Trump Administration Says Family of Girl Who Died While Detained by Border Patrol 'Knew They Were Crossing Illegally'

The head of the Department of Homeland Security has warned others not to follow in the path of a migrant family, whose young daughter apparently died of exposure while in the custody of Border Patrol following an arduous journey from Central America.

Homeland Security Secretary Kirstjen Nielsen told Fox News on Friday that her "heart goes out to the family, all of DHS" to the 7-year-old Guatemalan girl who was detained alongside her father and a large group of migrants shortly after crossing the border last week from Mexico into New Mexico. The girl, identified by her home country as Jackeline Caal, began to experience seizures about eight hours after being caught. She was reportedly given medical treatment and briefly revived at a hospital in El Paso, but she died about two days after her initial detainment, according to The Washington Post.

Border Patrol said Caal had died of dehydration, shock and exhaustion as she had "not eaten or consumed water for several days" while presumably traversing the harsh desert terrain where she was initially found by authorities. Nielsen described the events as "a very sad example of the dangers of this journey."

"This family chose to cross illegally," she continued. "What happened here was they were about 90 miles away from where we could process them. They were in such a large crowd that it took our Border Patrol folks a couple of times to get them all."

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A girl from Guatemala, part of the Central American migrant caravan, plays with a doll near the U.S.-Mexico border fence in Playas de Tijuana, in Baja California state, Mexico, on December 9. Thousands of Central American migrants, mostly Hondurans, have trekked for over a month in the hopes of reaching the United States. GUILLERMO ARIAS/AFP/Getty Images

Border Patrol has defended Caal's treatment while in the custody of U.S. officials. Border Patrol spokesperson Andrew Meehan told the Post that every effort was made to save her life and that food and water were typically provided to all those detained, though the newspaper could not independently verify if this was the case for the young girl.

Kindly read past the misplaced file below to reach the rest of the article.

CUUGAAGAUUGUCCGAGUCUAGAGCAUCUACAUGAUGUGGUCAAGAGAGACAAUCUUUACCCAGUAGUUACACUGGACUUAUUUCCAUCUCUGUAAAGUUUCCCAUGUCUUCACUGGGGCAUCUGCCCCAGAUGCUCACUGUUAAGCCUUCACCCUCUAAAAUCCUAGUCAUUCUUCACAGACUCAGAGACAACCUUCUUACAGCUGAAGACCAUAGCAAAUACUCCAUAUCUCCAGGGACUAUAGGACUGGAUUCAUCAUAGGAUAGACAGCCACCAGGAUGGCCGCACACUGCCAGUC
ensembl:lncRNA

"As we have always said, traveling north illegally is extremely dangerous. Drug cartels, human smugglers and the elements pose deadly risks to anyone who comes across the border illegally," Border Patrol said Thursday in a statement, after the Post's story broke. "Border Patrol always takes care of individuals in their custody and does everything in their power to keep them safe."

"Every year the Border Patrol saves hundreds of people who are overcome by the elements between our ports of entry. Unfortunately, despite our best efforts and the best efforts of the medical team treating the child, we were unable to stop this tragedy from occurring," it added. "Once again, we are begging parents to not put themselves or their children at risk attempting to enter illegally. Please present yourselves at a port of entry and seek to enter legally and safely."

After this statement was issued, the agency sent a follow-up statement to the website Vox, saying that "the father and child were at a station where water was available."

Guatemala, like nearby El Salvador, Honduras and Nicaragua and other Latin American nations, was deeply affected by a militant U.S. approach to defeat popular left-wing movements across the region, with the crisis peaking in the 1980s. Less than a decade after the CIA sponsored a coup to overthrow Guatemala's leftist government in 1954, a bloody three-decade civil war broke out in the early 1960s, and a peace accord was not signed until 1996.

Social and economic disorder continues to plague Guatemala, while murder rates in El Salvador and Honduras have become some of the highest in the world. Many people have fled north in hopes of taking refuge in the U.S. but have been met with a hard-line response by President Donald Trump. The Republican leader has advocated for the construction of a massive border wall in an attempt to block the entry of undocumented immigrants into the country and has deployed thousands of troops to intercept those attempting to cross into the country.

Responding to a reporter's question Friday as to whether the Trump administration accepts any responsibility for Caal's death, White House Deputy Press Secretary Hogan Gidley said the family was to blame.

"Does the administration take responsibility for a parent taking a child on a trek through Mexico to get to this country? No," Gidley said.

Trump Administration Says Family of Girl Who Died While Detained by Border Patrol 'Knew They Were Crossing Illegally' | World